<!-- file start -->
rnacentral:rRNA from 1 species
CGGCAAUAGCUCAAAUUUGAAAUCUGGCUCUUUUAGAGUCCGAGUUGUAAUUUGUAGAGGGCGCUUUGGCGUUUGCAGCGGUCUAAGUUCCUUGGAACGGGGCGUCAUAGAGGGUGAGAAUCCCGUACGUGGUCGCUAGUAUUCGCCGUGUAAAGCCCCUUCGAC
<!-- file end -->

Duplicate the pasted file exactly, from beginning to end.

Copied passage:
rnacentral:rRNA from 1 species
CGGCAAUAGCUCAAAUUUGAAAUCUGGCUCUUUUAGAGUCCGAGUUGUAAUUUGUAGAGGGCGCUUUGGCGUUUGCAGCGGUCUAAGUUCCUUGGAACGGGGCGUCAUAGAGGGUGAGAAUCCCGUACGUGGUCGCUAGUAUUCGCCGUGUAAAGCCCCUUCGAC